5 Ways To Use Food For Injury Prevention & Muscle Repair 

Written by Tamara Jacobi
Medical review by Bindiya Gandhi, M.D.
Physician
Dr. Bindiya Gandhi is an American Board Family Medicine–certified physician who completed her family medicine training at Georgia Regents University/Medical College of Georgia.

It's time for athletes to take control of their health and embrace a more preventative approach to smart training. Athletes who support their bodies daily with a strong foundation of quality, whole foods can establish a strong defense against muscle strains and tears, and properly nourished athletes can also recover faster if they do get injured.

A balanced fitness regime (including yoga!) can definitely help prevent injury, but quality nutrition can be a deal breaker. The truth is that there's no one-size-fits-all way of eating for sports, and every athlete is unique. However, here are some tips to get you started with injury prevention and healing.

1. Hydrate!

No, that doesn’t mean guzzling gallons of bottled sports drinks. I’m talking about pure, clean water for injury prevention. A dehydrated joint or tissue is more susceptible to tears and injury. Adequate water consumption is critical to athletic performance and injury prevention.

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2. Keep collagen healthy with vitamin C. 

Collagen is needed for holding bone together. It also provides strength and flexibility for ligaments and tendons. Vitamin C is a key player in the collagen equation. Athletes should feast on vitamin C-rich foods such as citrus fruits, dark leafy greens, broccoli, and strawberries (organic, of course!). Adding a squeeze of fresh lemon to your water could also be helpful.

3. Establish a nutritional trifecta for bone health. 

Fill your plate with foods rich in calcium, magnesium, and vitamin D, and your athletic bones will be grateful! Though calcium gets a lot of attention for its role with bone health, the truth is that magnesium and vitamin D are equally as important. Calcium is definitely required for strong bones and thus for the prevention of stress fractures, but the body doesn't absorb calcium well and requires magnesium for proper assimilation.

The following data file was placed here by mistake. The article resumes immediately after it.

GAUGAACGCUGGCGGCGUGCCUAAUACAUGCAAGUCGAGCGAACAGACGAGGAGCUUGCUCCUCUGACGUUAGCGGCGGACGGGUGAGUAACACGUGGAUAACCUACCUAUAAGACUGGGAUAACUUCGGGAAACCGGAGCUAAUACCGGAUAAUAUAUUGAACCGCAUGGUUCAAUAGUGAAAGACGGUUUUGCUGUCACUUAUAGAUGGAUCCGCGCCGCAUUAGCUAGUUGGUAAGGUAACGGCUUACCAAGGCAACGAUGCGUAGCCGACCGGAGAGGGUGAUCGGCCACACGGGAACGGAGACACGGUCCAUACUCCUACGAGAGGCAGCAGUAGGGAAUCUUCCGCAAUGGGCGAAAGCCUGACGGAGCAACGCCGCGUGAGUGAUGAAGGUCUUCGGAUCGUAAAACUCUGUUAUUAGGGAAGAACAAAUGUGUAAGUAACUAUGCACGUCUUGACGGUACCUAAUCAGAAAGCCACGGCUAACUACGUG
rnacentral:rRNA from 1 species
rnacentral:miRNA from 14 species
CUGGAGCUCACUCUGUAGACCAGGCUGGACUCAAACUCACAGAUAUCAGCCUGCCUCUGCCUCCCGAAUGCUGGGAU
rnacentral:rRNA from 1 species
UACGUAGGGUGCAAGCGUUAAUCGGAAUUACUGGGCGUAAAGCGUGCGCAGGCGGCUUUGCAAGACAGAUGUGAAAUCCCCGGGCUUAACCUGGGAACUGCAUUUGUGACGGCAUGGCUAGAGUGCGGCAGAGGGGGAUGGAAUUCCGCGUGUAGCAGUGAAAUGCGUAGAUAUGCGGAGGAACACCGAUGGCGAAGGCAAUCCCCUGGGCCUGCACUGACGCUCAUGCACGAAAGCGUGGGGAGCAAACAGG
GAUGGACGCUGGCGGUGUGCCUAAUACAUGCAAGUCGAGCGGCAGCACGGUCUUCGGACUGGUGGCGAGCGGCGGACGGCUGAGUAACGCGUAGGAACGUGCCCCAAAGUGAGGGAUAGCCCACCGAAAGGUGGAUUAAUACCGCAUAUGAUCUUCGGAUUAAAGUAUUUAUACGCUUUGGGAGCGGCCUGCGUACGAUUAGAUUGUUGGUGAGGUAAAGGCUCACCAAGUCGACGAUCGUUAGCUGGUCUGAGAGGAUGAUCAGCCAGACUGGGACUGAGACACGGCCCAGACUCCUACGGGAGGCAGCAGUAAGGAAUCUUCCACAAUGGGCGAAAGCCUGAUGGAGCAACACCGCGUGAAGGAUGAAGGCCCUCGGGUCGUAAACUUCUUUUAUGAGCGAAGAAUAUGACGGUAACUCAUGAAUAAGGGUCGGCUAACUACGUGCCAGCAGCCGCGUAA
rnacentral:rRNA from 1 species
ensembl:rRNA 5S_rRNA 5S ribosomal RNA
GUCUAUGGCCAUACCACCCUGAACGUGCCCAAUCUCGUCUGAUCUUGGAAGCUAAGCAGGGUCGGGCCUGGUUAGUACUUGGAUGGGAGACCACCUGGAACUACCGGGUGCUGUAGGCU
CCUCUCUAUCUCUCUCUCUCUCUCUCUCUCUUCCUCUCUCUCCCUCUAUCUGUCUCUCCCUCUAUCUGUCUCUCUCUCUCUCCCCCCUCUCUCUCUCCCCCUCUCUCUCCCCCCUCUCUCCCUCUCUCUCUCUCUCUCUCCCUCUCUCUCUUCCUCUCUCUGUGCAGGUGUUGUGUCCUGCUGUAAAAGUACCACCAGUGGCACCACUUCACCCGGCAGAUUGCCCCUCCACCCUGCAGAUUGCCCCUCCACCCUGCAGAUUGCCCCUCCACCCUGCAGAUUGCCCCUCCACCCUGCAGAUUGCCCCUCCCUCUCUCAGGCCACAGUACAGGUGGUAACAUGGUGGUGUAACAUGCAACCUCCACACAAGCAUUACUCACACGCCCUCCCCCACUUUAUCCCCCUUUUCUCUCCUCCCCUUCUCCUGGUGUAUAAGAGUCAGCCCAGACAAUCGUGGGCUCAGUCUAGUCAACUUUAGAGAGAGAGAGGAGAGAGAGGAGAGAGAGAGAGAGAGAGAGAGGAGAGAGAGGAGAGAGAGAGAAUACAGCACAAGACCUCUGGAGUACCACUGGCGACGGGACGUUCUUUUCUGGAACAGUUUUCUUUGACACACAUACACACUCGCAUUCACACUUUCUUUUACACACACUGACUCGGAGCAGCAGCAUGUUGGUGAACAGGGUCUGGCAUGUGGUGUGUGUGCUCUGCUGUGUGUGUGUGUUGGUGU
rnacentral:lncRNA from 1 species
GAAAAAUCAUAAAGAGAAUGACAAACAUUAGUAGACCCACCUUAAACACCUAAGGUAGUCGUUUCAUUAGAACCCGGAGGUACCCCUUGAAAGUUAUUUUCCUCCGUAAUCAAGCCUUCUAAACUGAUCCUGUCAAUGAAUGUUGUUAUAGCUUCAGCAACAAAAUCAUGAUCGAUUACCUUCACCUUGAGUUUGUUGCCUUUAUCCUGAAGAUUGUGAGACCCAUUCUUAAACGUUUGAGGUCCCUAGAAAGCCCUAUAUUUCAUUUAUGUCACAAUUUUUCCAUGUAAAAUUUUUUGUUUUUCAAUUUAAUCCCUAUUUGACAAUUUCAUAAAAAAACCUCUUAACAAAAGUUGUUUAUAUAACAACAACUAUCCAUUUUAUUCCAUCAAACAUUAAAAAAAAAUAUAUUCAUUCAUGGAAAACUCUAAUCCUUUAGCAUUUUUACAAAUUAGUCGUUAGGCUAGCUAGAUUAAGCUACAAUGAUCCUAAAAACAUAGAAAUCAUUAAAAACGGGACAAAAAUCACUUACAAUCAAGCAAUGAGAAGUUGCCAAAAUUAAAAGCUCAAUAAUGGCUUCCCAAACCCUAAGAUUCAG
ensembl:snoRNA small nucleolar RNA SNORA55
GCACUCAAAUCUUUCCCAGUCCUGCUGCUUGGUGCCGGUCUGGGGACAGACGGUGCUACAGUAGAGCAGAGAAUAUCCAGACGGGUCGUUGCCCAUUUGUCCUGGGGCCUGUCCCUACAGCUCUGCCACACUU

Vitamin D is also required for proper calcium absorption. But before you reach for some milk and cheese to build strong bones, keep in mind that many people suffer an adverse reaction to dairy. Alternatively, a diet rich in green leafy vegetables, raw nuts and seeds, cold-water fish, and whole grains can help you meet your calcium, magnesium, and vitamin D needs. Don’t forget to enjoy some sunshine!

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4. Calm inflammation with healthy fats.

Omega-3 fatty acids work as your body’s primary defense against chronic inflammation. Omega-3’s can do wonders to help to ensure that your athletic joints and tissues are nourished and that your immune system is healthy and happy. Many athletes are deficient in omega-3’s and consume far too many omega-6’s. Oily fish, seeds, and raw walnuts are all great sources of omega3’s.

5. Don’t forget the zinc!

If you do become injured, zinc can be an extremely important mineral for helping the healing process of tissues and wounds. Whole food sources of zinc include red meat, lentils, turkey, and brown rice.

Integrate these tips into your sporty life, and you’re on the road to becoming a holistic athlete. Feasting on quality whole foods and being mindful of injury prevention can do wonders for your athletic career. These tips are helpful for any type of movement--whether you’re a professional athlete or an avid gym rat. 

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